I love this pea pesto on crostini or as a dip with crudités. Add a half bunch of mint leaves if you want to fancy it up a bit. It’s super fast and easy if you grate the cheese in the food processor and then add everything else; the 10 year old could probably make the pesto with a bit of supervision.
posted by asphericalcow at 12:54 PM on November 3, 2018 [1 favorite]

There’s a cheese dip that looks like a melting snowman, if you want bonus presentation points and you live in an area where snow and thanksgiving go together. This is more « craft project » than anything else but I bet the 10 year old would love to make it. here’s a link
posted by andreapandrea at 1:23 PM on November 3, 2018 [1 favorite]

My mom has made a cream cheese pinecone every Xmas I can remember. It occurs to me this is now retro. She may have had a phase where she added canned crushed pineapple. Who cares. It looks amazing and tastes wonderful. (It occurs to me you could do the pinecone almonds on a more modern/adventurous dip. I won’t tell my mom.)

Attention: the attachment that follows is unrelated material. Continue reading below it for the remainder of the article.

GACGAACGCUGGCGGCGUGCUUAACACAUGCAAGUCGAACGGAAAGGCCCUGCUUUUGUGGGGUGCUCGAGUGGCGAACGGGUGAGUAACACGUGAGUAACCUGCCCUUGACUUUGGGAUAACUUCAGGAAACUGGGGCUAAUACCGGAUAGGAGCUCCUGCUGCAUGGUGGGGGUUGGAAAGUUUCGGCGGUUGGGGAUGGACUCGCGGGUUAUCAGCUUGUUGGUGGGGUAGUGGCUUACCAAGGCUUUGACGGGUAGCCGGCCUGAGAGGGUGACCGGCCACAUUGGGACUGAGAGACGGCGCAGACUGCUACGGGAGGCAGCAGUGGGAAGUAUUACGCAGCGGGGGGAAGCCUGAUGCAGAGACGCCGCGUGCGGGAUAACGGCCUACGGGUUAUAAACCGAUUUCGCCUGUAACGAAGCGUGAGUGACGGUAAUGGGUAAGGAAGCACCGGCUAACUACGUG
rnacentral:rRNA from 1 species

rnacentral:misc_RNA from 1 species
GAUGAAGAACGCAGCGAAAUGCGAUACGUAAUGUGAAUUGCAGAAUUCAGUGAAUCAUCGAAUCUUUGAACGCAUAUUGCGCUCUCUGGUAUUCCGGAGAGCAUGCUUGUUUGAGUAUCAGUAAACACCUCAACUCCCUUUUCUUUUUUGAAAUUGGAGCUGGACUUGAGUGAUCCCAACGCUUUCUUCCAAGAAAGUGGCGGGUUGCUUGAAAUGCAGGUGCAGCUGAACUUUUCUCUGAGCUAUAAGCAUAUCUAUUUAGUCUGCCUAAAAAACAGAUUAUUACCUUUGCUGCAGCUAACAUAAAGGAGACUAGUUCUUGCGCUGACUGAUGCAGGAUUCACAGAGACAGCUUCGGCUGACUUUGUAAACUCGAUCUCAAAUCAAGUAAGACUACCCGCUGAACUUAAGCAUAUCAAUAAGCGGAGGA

posted by kapers at 1:47 PM on November 3, 2018 [3 favorites]

Pumpkin Fluff would be seasonal and great for a 10 y/o. To score presentation points, serve it in a pumpkin as pictured!
posted by kittydelsol at 1:59 PM on November 3, 2018

In keeping with the Thanskgiving theme, Pumpkin Hummus!
posted by Champagne Supernova at 3:21 PM on November 3, 2018

I just made Butternut Squash Goat Cheese Dip for family and it was a huge hit. The hardest part was prepping the butternut squash (you could buy precut cubes from the store). I used less goat cheese, mixed dried herbs into the dip instead of using fresh, and served it room-temp - you could use the fresh herbs and serve it warm. If you pre-roast the squash, the dip comes together in 5 minutes.